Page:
3. Ensuring that social safety nets associated with economic restructuring are considered as complementary strategies to overall poverty reduction and an increase in productive employment. Short term by nature, safety nets must protect people living in poverty and enable them to find productive employment;

  4. Designing social protection and support programmes to help people become self-sufficient as fully and quickly as possible, to assist and protect families, to reintegrate people excluded from economic activity and to prevent the social isolation or stigmatization of those who need protection;

  5. Exploring a variety of means for raising revenues to strengthen social protection programmes, and promoting efforts by the private sector and voluntary associations to provide social protection and support;

  6. Promoting the innovative efforts of self-help organizations, professional associations and other organizations of civil society in this sphere;

  7. Expanding and strengthening social protection programmes to protect working people, including the self-employed and their families, from the risk of falling into poverty, by extending coverage to as many as possible, providing benefits quickly and ensuring that entitlements continue when workers change jobs;

  8. Ensuring, through appropriate regulation, that contributory social protection plans are efficient and transparent so that the contributions of workers, employers and the State and the accumulation of resources can be monitored by the participants;

  9. Ensuring an adequate social safety net under structural adjustment programmes;

  10. Ensuring that social protection and social support programmes meet the needs of women, and especially that they take into account women's multiple roles and concerns, in particular the reintegration of women into formal work after periods of absence, support for older women, and the promotion of acceptance of women's multiple roles and responsibilities.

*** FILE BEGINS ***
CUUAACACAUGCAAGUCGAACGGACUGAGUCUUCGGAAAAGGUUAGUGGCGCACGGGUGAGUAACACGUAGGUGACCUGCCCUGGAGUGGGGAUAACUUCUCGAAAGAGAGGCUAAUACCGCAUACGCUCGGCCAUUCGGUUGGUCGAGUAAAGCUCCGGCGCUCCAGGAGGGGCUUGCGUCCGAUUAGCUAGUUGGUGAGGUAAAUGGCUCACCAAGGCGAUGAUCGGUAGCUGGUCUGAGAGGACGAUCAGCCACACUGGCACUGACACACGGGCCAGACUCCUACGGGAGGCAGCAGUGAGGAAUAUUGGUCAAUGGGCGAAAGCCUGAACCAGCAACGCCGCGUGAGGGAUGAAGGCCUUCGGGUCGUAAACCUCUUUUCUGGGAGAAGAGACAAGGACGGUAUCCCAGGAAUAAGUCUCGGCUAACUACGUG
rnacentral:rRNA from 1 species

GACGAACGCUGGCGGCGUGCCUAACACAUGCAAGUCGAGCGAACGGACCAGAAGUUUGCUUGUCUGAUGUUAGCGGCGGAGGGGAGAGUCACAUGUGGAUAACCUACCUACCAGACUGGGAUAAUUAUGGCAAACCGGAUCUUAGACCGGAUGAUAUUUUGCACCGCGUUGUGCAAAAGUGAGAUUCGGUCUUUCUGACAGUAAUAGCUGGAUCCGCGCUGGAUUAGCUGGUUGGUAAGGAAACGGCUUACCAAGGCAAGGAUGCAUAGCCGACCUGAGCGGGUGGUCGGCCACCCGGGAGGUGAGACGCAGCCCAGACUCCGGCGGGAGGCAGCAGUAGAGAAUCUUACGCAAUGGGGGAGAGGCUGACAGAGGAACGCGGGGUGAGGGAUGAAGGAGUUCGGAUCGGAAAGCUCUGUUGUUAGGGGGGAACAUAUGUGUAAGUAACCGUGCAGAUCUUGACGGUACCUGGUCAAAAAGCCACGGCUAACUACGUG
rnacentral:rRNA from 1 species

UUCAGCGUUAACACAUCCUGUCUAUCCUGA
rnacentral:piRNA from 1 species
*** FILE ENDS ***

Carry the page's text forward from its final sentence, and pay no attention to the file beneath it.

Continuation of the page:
39. Particular efforts should be made to protect children and youth by:

  1. Promoting family stability and supporting families in providing mutual support, including in their role as nurturers and educators of children;

  2. Promoting social support, including good quality child care and working conditions that allow both parents to reconcile parenthood with working life;

  3. Supporting and involving family organizations and networks in community activities;

  4. Taking the necessary legislative, administrative, social and educational measures to protect and promote the rights of the child, with particular attention to the girl child;

  5. Improving the situation and protecting the rights of children in especially difficult circumstances, including children in areas of armed conflict, children who lack adequate family support, urban street children, abandoned children, children with disabilities, children addicted to narcotic drugs, children affected by war or natural and man-made disasters, unaccompanied minor refugee children, working children, and children who are economically and sexually exploited or abused, including the victims of the sale and trafficking of children; ensuring that they have access to food, shelter, education and health care and are protected from abuse and violence, as well as provided with the necessary social and psychological assistance for their healthy reintegration into society and for family reunification consistent with the Convention on the Rights of the Child; and substituting education for child work;